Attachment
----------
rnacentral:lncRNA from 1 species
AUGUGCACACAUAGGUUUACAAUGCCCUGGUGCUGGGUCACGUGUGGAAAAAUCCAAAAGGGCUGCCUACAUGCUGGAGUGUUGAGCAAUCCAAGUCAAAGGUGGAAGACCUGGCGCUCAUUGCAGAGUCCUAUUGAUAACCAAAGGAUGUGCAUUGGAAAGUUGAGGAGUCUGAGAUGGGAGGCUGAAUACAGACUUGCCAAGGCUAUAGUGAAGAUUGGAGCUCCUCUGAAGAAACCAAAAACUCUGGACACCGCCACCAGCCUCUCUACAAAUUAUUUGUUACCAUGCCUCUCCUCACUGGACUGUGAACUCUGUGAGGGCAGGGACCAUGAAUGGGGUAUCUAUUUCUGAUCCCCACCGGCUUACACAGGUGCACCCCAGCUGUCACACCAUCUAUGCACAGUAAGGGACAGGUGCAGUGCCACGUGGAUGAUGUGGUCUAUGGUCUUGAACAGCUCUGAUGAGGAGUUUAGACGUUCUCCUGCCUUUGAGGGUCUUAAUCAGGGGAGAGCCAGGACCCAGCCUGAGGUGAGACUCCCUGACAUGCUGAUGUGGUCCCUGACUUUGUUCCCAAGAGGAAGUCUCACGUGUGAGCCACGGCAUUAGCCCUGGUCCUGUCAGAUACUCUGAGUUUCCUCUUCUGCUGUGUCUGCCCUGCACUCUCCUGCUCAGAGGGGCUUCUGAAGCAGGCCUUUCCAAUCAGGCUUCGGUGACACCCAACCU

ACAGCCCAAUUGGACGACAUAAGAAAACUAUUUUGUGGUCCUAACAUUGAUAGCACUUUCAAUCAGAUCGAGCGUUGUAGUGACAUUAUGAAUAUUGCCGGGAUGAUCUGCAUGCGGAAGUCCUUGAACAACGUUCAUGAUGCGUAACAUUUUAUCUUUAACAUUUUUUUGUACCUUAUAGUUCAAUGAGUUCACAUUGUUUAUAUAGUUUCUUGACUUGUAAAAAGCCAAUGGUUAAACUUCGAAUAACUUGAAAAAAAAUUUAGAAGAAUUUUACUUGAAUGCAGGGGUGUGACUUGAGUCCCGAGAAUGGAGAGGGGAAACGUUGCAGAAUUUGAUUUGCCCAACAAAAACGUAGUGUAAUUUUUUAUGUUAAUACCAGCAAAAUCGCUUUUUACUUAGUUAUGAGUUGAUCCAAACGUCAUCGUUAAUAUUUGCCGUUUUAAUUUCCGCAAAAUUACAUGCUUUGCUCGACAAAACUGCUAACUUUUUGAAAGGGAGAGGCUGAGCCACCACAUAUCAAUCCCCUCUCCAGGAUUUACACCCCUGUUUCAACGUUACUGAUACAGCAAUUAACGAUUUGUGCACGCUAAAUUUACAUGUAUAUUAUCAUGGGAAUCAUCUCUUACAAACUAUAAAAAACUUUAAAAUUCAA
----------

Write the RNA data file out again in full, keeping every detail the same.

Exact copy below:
rnacentral:lncRNA from 1 species
AUGUGCACACAUAGGUUUACAAUGCCCUGGUGCUGGGUCACGUGUGGAAAAAUCCAAAAGGGCUGCCUACAUGCUGGAGUGUUGAGCAAUCCAAGUCAAAGGUGGAAGACCUGGCGCUCAUUGCAGAGUCCUAUUGAUAACCAAAGGAUGUGCAUUGGAAAGUUGAGGAGUCUGAGAUGGGAGGCUGAAUACAGACUUGCCAAGGCUAUAGUGAAGAUUGGAGCUCCUCUGAAGAAACCAAAAACUCUGGACACCGCCACCAGCCUCUCUACAAAUUAUUUGUUACCAUGCCUCUCCUCACUGGACUGUGAACUCUGUGAGGGCAGGGACCAUGAAUGGGGUAUCUAUUUCUGAUCCCCACCGGCUUACACAGGUGCACCCCAGCUGUCACACCAUCUAUGCACAGUAAGGGACAGGUGCAGUGCCACGUGGAUGAUGUGGUCUAUGGUCUUGAACAGCUCUGAUGAGGAGUUUAGACGUUCUCCUGCCUUUGAGGGUCUUAAUCAGGGGAGAGCCAGGACCCAGCCUGAGGUGAGACUCCCUGACAUGCUGAUGUGGUCCCUGACUUUGUUCCCAAGAGGAAGUCUCACGUGUGAGCCACGGCAUUAGCCCUGGUCCUGUCAGAUACUCUGAGUUUCCUCUUCUGCUGUGUCUGCCCUGCACUCUCCUGCUCAGAGGGGCUUCUGAAGCAGGCCUUUCCAAUCAGGCUUCGGUGACACCCAACCU

ACAGCCCAAUUGGACGACAUAAGAAAACUAUUUUGUGGUCCUAACAUUGAUAGCACUUUCAAUCAGAUCGAGCGUUGUAGUGACAUUAUGAAUAUUGCCGGGAUGAUCUGCAUGCGGAAGUCCUUGAACAACGUUCAUGAUGCGUAACAUUUUAUCUUUAACAUUUUUUUGUACCUUAUAGUUCAAUGAGUUCACAUUGUUUAUAUAGUUUCUUGACUUGUAAAAAGCCAAUGGUUAAACUUCGAAUAACUUGAAAAAAAAUUUAGAAGAAUUUUACUUGAAUGCAGGGGUGUGACUUGAGUCCCGAGAAUGGAGAGGGGAAACGUUGCAGAAUUUGAUUUGCCCAACAAAAACGUAGUGUAAUUUUUUAUGUUAAUACCAGCAAAAUCGCUUUUUACUUAGUUAUGAGUUGAUCCAAACGUCAUCGUUAAUAUUUGCCGUUUUAAUUUCCGCAAAAUUACAUGCUUUGCUCGACAAAACUGCUAACUUUUUGAAAGGGAGAGGCUGAGCCACCACAUAUCAAUCCCCUCUCCAGGAUUUACACCCCUGUUUCAACGUUACUGAUACAGCAAUUAACGAUUUGUGCACGCUAAAUUUACAUGUAUAUUAUCAUGGGAAUCAUCUCUUACAAACUAUAAAAAACUUUAAAAUUCAA